World Pi Day: A piece of the pie! - Hindustan Times

World Pi Day: A piece of the pie!

ByAbigail Banerji
Mar 23, 2023 05:07 PM IST

Bake up a storm to celebrate Pi Day, here are a few pies from around that world that you can cut a slice off

The mathematical constant that has left several generations perplexed – π (Pi). To celebrate because the numerical date (3.14) represents the first three digits of pi. It is an annual celebration that was founded in 1988 by Larry Shaw, an employee of the Exploratorium, a science museum in San Francisco. It also just happens to be the birthday of Sir Albert Einstein. To celebrate, a variety of pies can be gorged on. Here are some exciting pies that you can grab a slice out of.


Shepherd’s pie, UK

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“In the olden days, the shepherd’s pie was a creative way to combine leftovers from other meals to make a new dish that was appealing yet filling,” explains Sidney Ducnha, Director of Culinary at Sofitel Mumbai BKC. This classic British comfort food is traditionally made with ground lamb cooked with vegetables and topped with fluffy mashed potato. It is baked till the golden and crispy. This savoury dish is said to have got its name due to the fact that shepherds look after goats and lambs and the potatoes represent the sheep’s fleece.

Spanakopita Pie (Shutterstock)
Spanakopita Pie (Shutterstock)

Spanakopita Pie, Greece

A savory cheesy spinach pie, the spanakopita comes from Greece and is a encased in a flaky phyllo dough covering. This versatile pie can be served hot or cold, as a main dish with salad or as a accompaniment to a meat main. The filling it made up of a “blend of cheese and spinach with a layer of maccheroni, which is long and thin pasta,” says Chef Hiren, Millo, adding, “This dish is popular among the tourists in Santorini (Greece), which sees people from diverse parts of the Europe and the world.” The secret to a flaky and crunchy exterior is a relatively dry interior as spinach is known to lose a lot of water in the cooking process.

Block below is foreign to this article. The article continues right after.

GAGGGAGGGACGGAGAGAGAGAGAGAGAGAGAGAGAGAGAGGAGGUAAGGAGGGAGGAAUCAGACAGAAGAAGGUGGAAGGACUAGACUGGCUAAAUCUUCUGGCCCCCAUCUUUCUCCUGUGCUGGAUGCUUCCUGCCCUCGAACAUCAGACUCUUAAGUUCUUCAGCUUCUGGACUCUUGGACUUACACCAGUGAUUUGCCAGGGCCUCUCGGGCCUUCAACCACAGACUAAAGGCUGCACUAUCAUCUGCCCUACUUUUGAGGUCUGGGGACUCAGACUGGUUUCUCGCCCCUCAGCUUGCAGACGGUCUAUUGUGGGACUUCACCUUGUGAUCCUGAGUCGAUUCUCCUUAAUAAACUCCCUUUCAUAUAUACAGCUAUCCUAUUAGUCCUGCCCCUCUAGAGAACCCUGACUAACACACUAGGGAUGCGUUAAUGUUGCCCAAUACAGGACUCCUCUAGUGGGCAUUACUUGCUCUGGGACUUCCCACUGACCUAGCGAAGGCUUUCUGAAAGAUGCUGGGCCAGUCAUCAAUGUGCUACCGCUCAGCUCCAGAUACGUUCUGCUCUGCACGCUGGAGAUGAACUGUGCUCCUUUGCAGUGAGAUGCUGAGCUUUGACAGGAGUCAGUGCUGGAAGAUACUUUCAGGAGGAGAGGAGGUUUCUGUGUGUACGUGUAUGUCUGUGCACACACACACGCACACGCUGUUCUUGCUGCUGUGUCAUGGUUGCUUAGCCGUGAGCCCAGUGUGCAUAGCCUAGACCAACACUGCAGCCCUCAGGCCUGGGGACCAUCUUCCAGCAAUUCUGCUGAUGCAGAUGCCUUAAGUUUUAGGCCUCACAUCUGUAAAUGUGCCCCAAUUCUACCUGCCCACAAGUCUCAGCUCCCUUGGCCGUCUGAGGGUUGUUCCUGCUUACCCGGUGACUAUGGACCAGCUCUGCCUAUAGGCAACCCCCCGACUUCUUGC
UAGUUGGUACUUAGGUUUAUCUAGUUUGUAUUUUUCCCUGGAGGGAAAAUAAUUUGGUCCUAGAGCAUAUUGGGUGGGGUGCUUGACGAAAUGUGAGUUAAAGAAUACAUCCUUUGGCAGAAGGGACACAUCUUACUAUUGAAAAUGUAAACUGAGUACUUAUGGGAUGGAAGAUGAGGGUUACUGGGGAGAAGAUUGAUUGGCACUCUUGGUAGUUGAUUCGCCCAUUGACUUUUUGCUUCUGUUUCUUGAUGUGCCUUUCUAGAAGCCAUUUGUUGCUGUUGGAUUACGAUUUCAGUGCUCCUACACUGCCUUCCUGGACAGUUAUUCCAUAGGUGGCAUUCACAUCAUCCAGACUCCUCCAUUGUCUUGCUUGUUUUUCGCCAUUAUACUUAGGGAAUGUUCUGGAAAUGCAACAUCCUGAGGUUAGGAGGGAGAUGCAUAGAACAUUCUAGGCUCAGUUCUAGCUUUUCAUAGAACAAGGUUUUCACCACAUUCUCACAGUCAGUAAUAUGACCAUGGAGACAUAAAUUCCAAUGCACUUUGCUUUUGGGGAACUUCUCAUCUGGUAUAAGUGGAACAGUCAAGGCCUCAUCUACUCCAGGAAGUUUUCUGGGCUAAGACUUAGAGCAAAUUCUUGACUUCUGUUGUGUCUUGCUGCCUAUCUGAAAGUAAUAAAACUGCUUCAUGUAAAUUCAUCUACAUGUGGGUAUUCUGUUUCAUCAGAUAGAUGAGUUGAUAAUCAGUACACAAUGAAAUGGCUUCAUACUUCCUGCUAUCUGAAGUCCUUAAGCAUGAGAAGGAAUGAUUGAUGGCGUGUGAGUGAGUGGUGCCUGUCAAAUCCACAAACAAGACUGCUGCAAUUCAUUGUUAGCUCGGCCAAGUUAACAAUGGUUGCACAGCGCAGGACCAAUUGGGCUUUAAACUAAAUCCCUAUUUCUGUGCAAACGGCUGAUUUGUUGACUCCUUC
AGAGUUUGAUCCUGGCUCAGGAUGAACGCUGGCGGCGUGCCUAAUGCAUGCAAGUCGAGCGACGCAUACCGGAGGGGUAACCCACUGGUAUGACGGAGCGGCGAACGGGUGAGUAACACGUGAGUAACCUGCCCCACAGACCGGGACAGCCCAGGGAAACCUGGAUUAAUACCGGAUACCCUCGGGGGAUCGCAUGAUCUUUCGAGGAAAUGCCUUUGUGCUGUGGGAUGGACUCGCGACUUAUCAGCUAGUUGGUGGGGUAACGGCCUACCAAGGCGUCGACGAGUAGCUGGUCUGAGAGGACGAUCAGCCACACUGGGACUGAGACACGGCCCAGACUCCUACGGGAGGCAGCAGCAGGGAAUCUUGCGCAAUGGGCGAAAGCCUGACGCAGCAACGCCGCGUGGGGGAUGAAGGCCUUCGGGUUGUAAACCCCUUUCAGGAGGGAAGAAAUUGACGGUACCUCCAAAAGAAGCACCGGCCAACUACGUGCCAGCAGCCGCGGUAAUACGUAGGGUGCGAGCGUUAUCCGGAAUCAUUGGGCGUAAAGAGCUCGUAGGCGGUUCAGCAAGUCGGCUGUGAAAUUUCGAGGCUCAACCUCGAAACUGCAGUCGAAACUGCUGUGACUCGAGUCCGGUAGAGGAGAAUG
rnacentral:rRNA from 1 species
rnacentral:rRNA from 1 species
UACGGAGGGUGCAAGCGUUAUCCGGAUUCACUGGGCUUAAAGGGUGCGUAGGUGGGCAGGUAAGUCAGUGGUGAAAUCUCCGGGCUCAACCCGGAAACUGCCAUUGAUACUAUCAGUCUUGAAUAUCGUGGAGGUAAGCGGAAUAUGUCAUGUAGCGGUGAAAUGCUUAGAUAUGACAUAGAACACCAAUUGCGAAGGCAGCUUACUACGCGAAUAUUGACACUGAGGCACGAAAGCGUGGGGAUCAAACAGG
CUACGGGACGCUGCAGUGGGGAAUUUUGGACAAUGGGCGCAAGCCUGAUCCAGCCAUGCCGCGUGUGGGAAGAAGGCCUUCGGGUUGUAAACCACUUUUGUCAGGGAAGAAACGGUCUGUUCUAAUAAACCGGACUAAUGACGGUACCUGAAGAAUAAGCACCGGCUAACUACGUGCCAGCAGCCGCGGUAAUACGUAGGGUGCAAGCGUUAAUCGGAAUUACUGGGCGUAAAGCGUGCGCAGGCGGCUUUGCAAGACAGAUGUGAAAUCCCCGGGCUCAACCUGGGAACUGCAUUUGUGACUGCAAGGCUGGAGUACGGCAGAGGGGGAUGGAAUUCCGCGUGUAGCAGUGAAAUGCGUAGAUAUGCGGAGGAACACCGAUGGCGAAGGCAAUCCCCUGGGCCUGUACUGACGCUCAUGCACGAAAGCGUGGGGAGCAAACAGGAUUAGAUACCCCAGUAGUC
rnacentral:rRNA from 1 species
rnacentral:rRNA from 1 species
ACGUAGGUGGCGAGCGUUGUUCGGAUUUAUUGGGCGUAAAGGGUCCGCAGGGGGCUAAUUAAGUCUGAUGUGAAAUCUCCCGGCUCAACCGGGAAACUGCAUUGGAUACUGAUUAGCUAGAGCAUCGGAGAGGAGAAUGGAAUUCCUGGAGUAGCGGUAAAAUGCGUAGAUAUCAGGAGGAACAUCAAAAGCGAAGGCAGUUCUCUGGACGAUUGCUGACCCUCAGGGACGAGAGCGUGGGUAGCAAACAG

Buko Pie (Shutterstock)
Buko Pie (Shutterstock)

Buko Pie, Philippines

A Filipino coconut custard pie, this rich yet light dessert is made using several parts of the tender coconut. It is considered a specialty of the province of Laguna. The creamy filling it made with the flesh and water of the tender coconut, eggs and condensed milk. Chef Viraf Patel, Neuma, says, “I was working in a restaurant in the Philippines, when I chanced upon the Buko Pie. Normally, I would steer clear from desserts but the savoury pie crust filled with a sweet tender coconut filling, I ended up having a few slices instead of one.” It can be served as a dessert at the end of the meal or for a midday snack with a hot or cold beverage.

Apple pie (Shutterstock)
Apple pie (Shutterstock)

Apple pie, USA

This classic American dessert actually originates from England and many European countries have their own versions of it. “In the colonial era, apple pies had a lot of nostalgic value. It was cooked on every special occasion such as Thanksgiving and Christmas,” says Jugali Nadkar, director - Food and Beverage, La Poz Place. The flaky buttery crust is made using flour and butter and kneading into a dough. The filling is made with sliced apples cooked in sugar, salt and spices such as cinnamon and nutmeg. In order to retain the juices in the crust, bake the apple filling in the crust instead of cooking it separately.

Pie de Limón (Shutterstock)
Pie de Limón (Shutterstock)

Pie de Limón, South America

Made in parts of South America, this is a lime pie paired with a meringue on top. It is thought to be a take on the lemon pies that are popular in England. The pie de Limón is famous in Peru, while the Mexicans make the pay de limón. Both these pies use limes, either key limes or the tangier Peruvian limes. To cut through the acidity, leche condensada or condensed milk is used to make the custard. The crust is made with crushed crackers mixed with butter and pressed into a tart shell.

Quiche (Shutterstock)
Quiche (Shutterstock)

Quiche, France

A quiche is a French tart that is made up of a pastry crust filled with savoury egg custard and pieces of cheese, meat, seafood and vegetables, shares chef Sagar Phansekar, Bluebop Café. Although a classic dish from French cuisine, historical records show that the Quiche Lorraine originated in the medieval kingdom of Bezirk Lothringen, Germany. Later on, the French later occupied the area and renamed it Lorraine. The word quiche originates from the German word kuchen, which means cake.



90gm Refined flour

50gm unsalted butter

3gm salt

1 egg yolk

For filling -:

100 gm Bacon

25 gm gruyere/mozzarella

100 ml fresh cream

100 ml doubl cream

2 eggs

Pinch of nutmeg


In a bowl mix flour ,butter,egg yolk and salt and mix it to form a dough with spoonful of water to form a dough.

Keep for resting in a refrigerator then roll it out as thinly possible.

Take the small size ring and line the tart trim the edges,lightly prick it with fork and chill it for few more minutes.

Blind bake it at 180C for 10 minutes

For the filling, take all the ingredients and grated cheese along with chopped bacon.

in a bowl mix cream and eggs along with nutmeg powder and make custard mix with the cheese and bacon and fill into the tart shell.

Bake it at 170C for 20 minutes .

Let it settle on the cooling rack. Serve warm.

Inputs by Sidney Ducnha, director of culinary, Sofitel Mumbai BKC

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